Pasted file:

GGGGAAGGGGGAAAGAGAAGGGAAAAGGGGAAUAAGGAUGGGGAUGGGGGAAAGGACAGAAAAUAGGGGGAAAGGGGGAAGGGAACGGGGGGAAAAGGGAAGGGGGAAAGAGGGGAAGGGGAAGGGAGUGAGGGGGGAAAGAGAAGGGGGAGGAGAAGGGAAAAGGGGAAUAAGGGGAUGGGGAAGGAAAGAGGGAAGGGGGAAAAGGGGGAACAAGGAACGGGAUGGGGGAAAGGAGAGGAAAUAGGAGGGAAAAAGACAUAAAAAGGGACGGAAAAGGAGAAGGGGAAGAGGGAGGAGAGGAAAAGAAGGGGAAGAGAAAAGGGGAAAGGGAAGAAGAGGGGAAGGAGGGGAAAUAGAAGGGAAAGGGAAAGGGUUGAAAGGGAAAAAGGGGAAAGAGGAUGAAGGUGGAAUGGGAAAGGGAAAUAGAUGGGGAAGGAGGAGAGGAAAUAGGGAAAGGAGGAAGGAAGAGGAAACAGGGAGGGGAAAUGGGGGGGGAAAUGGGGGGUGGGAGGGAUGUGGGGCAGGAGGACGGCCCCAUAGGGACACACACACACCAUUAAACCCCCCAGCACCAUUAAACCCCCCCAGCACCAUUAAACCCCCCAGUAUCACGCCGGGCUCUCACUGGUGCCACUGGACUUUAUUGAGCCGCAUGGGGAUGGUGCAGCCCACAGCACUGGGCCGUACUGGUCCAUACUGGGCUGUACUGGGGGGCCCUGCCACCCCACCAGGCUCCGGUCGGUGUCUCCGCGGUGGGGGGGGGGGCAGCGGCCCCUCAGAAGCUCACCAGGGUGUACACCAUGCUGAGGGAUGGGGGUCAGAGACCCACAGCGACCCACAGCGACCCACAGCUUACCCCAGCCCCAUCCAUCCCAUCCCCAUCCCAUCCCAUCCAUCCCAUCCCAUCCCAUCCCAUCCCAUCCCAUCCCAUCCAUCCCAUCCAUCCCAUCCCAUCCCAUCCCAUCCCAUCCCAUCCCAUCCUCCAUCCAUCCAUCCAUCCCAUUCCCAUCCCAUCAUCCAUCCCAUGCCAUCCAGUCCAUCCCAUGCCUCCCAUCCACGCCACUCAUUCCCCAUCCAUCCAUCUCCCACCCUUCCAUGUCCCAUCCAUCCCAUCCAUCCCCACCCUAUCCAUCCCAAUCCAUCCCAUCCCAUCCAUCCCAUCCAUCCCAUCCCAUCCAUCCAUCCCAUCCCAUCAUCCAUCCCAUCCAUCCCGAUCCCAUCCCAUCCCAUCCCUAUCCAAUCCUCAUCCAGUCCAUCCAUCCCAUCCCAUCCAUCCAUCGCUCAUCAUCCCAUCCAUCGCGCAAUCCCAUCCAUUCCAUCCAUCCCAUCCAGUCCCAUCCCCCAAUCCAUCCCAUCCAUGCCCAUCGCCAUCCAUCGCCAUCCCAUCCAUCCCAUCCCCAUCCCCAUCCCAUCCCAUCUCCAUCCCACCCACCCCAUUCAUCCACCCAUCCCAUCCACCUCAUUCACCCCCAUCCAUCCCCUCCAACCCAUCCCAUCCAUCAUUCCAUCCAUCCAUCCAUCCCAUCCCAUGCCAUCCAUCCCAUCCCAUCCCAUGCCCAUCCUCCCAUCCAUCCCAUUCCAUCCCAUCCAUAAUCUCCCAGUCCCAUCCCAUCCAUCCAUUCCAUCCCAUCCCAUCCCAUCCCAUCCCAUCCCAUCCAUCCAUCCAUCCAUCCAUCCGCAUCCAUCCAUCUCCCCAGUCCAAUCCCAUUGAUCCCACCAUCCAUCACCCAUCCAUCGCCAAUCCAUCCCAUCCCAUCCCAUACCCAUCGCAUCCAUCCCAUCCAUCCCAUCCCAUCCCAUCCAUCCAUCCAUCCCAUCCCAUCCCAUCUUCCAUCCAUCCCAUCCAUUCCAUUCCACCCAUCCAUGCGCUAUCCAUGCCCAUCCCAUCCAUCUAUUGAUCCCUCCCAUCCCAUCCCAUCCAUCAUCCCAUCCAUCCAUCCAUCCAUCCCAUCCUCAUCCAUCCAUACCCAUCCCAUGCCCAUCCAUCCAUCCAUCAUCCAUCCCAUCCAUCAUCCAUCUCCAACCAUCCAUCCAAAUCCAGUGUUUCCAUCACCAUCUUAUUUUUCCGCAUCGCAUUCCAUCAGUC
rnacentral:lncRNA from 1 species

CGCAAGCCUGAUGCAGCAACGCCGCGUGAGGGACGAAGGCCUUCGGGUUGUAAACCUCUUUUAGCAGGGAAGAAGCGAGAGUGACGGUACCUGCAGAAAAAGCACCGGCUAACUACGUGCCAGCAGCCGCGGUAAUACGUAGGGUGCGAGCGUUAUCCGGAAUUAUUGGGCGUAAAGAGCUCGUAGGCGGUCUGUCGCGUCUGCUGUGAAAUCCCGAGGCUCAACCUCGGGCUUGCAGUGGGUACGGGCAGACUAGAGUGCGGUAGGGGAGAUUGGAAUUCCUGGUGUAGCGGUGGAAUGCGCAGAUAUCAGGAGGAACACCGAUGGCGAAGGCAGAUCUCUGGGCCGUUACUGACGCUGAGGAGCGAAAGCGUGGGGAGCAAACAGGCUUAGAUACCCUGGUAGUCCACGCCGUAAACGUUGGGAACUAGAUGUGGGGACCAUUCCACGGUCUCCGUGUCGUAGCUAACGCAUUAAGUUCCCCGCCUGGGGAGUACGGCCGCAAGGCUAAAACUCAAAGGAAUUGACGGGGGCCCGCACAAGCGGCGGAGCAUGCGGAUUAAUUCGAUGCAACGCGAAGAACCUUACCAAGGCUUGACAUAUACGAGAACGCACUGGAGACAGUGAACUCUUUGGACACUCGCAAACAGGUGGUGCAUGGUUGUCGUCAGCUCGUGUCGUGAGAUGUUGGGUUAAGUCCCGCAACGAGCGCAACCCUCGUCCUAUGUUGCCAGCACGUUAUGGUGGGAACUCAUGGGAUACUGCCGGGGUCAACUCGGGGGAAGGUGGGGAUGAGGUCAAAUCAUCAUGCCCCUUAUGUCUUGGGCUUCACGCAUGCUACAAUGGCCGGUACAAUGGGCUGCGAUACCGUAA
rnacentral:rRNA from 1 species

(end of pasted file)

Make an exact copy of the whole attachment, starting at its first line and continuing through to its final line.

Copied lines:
GGGGAAGGGGGAAAGAGAAGGGAAAAGGGGAAUAAGGAUGGGGAUGGGGGAAAGGACAGAAAAUAGGGGGAAAGGGGGAAGGGAACGGGGGGAAAAGGGAAGGGGGAAAGAGGGGAAGGGGAAGGGAGUGAGGGGGGAAAGAGAAGGGGGAGGAGAAGGGAAAAGGGGAAUAAGGGGAUGGGGAAGGAAAGAGGGAAGGGGGAAAAGGGGGAACAAGGAACGGGAUGGGGGAAAGGAGAGGAAAUAGGAGGGAAAAAGACAUAAAAAGGGACGGAAAAGGAGAAGGGGAAGAGGGAGGAGAGGAAAAGAAGGGGAAGAGAAAAGGGGAAAGGGAAGAAGAGGGGAAGGAGGGGAAAUAGAAGGGAAAGGGAAAGGGUUGAAAGGGAAAAAGGGGAAAGAGGAUGAAGGUGGAAUGGGAAAGGGAAAUAGAUGGGGAAGGAGGAGAGGAAAUAGGGAAAGGAGGAAGGAAGAGGAAACAGGGAGGGGAAAUGGGGGGGGAAAUGGGGGGUGGGAGGGAUGUGGGGCAGGAGGACGGCCCCAUAGGGACACACACACACCAUUAAACCCCCCAGCACCAUUAAACCCCCCCAGCACCAUUAAACCCCCCAGUAUCACGCCGGGCUCUCACUGGUGCCACUGGACUUUAUUGAGCCGCAUGGGGAUGGUGCAGCCCACAGCACUGGGCCGUACUGGUCCAUACUGGGCUGUACUGGGGGGCCCUGCCACCCCACCAGGCUCCGGUCGGUGUCUCCGCGGUGGGGGGGGGGGCAGCGGCCCCUCAGAAGCUCACCAGGGUGUACACCAUGCUGAGGGAUGGGGGUCAGAGACCCACAGCGACCCACAGCGACCCACAGCUUACCCCAGCCCCAUCCAUCCCAUCCCCAUCCCAUCCCAUCCAUCCCAUCCCAUCCCAUCCCAUCCCAUCCCAUCCCAUCCAUCCCAUCCAUCCCAUCCCAUCCCAUCCCAUCCCAUCCCAUCCCAUCCUCCAUCCAUCCAUCCAUCCCAUUCCCAUCCCAUCAUCCAUCCCAUGCCAUCCAGUCCAUCCCAUGCCUCCCAUCCACGCCACUCAUUCCCCAUCCAUCCAUCUCCCACCCUUCCAUGUCCCAUCCAUCCCAUCCAUCCCCACCCUAUCCAUCCCAAUCCAUCCCAUCCCAUCCAUCCCAUCCAUCCCAUCCCAUCCAUCCAUCCCAUCCCAUCAUCCAUCCCAUCCAUCCCGAUCCCAUCCCAUCCCAUCCCUAUCCAAUCCUCAUCCAGUCCAUCCAUCCCAUCCCAUCCAUCCAUCGCUCAUCAUCCCAUCCAUCGCGCAAUCCCAUCCAUUCCAUCCAUCCCAUCCAGUCCCAUCCCCCAAUCCAUCCCAUCCAUGCCCAUCGCCAUCCAUCGCCAUCCCAUCCAUCCCAUCCCCAUCCCCAUCCCAUCCCAUCUCCAUCCCACCCACCCCAUUCAUCCACCCAUCCCAUCCACCUCAUUCACCCCCAUCCAUCCCCUCCAACCCAUCCCAUCCAUCAUUCCAUCCAUCCAUCCAUCCCAUCCCAUGCCAUCCAUCCCAUCCCAUCCCAUGCCCAUCCUCCCAUCCAUCCCAUUCCAUCCCAUCCAUAAUCUCCCAGUCCCAUCCCAUCCAUCCAUUCCAUCCCAUCCCAUCCCAUCCCAUCCCAUCCCAUCCAUCCAUCCAUCCAUCCAUCCGCAUCCAUCCAUCUCCCCAGUCCAAUCCCAUUGAUCCCACCAUCCAUCACCCAUCCAUCGCCAAUCCAUCCCAUCCCAUCCCAUACCCAUCGCAUCCAUCCCAUCCAUCCCAUCCCAUCCCAUCCAUCCAUCCAUCCCAUCCCAUCCCAUCUUCCAUCCAUCCCAUCCAUUCCAUUCCACCCAUCCAUGCGCUAUCCAUGCCCAUCCCAUCCAUCUAUUGAUCCCUCCCAUCCCAUCCCAUCCAUCAUCCCAUCCAUCCAUCCAUCCAUCCCAUCCUCAUCCAUCCAUACCCAUCCCAUGCCCAUCCAUCCAUCCAUCAUCCAUCCCAUCCAUCAUCCAUCUCCAACCAUCCAUCCAAAUCCAGUGUUUCCAUCACCAUCUUAUUUUUCCGCAUCGCAUUCCAUCAGUC
rnacentral:lncRNA from 1 species

CGCAAGCCUGAUGCAGCAACGCCGCGUGAGGGACGAAGGCCUUCGGGUUGUAAACCUCUUUUAGCAGGGAAGAAGCGAGAGUGACGGUACCUGCAGAAAAAGCACCGGCUAACUACGUGCCAGCAGCCGCGGUAAUACGUAGGGUGCGAGCGUUAUCCGGAAUUAUUGGGCGUAAAGAGCUCGUAGGCGGUCUGUCGCGUCUGCUGUGAAAUCCCGAGGCUCAACCUCGGGCUUGCAGUGGGUACGGGCAGACUAGAGUGCGGUAGGGGAGAUUGGAAUUCCUGGUGUAGCGGUGGAAUGCGCAGAUAUCAGGAGGAACACCGAUGGCGAAGGCAGAUCUCUGGGCCGUUACUGACGCUGAGGAGCGAAAGCGUGGGGAGCAAACAGGCUUAGAUACCCUGGUAGUCCACGCCGUAAACGUUGGGAACUAGAUGUGGGGACCAUUCCACGGUCUCCGUGUCGUAGCUAACGCAUUAAGUUCCCCGCCUGGGGAGUACGGCCGCAAGGCUAAAACUCAAAGGAAUUGACGGGGGCCCGCACAAGCGGCGGAGCAUGCGGAUUAAUUCGAUGCAACGCGAAGAACCUUACCAAGGCUUGACAUAUACGAGAACGCACUGGAGACAGUGAACUCUUUGGACACUCGCAAACAGGUGGUGCAUGGUUGUCGUCAGCUCGUGUCGUGAGAUGUUGGGUUAAGUCCCGCAACGAGCGCAACCCUCGUCCUAUGUUGCCAGCACGUUAUGGUGGGAACUCAUGGGAUACUGCCGGGGUCAACUCGGGGGAAGGUGGGGAUGAGGUCAAAUCAUCAUGCCCCUUAUGUCUUGGGCUUCACGCAUGCUACAAUGGCCGGUACAAUGGGCUGCGAUACCGUAA
rnacentral:rRNA from 1 species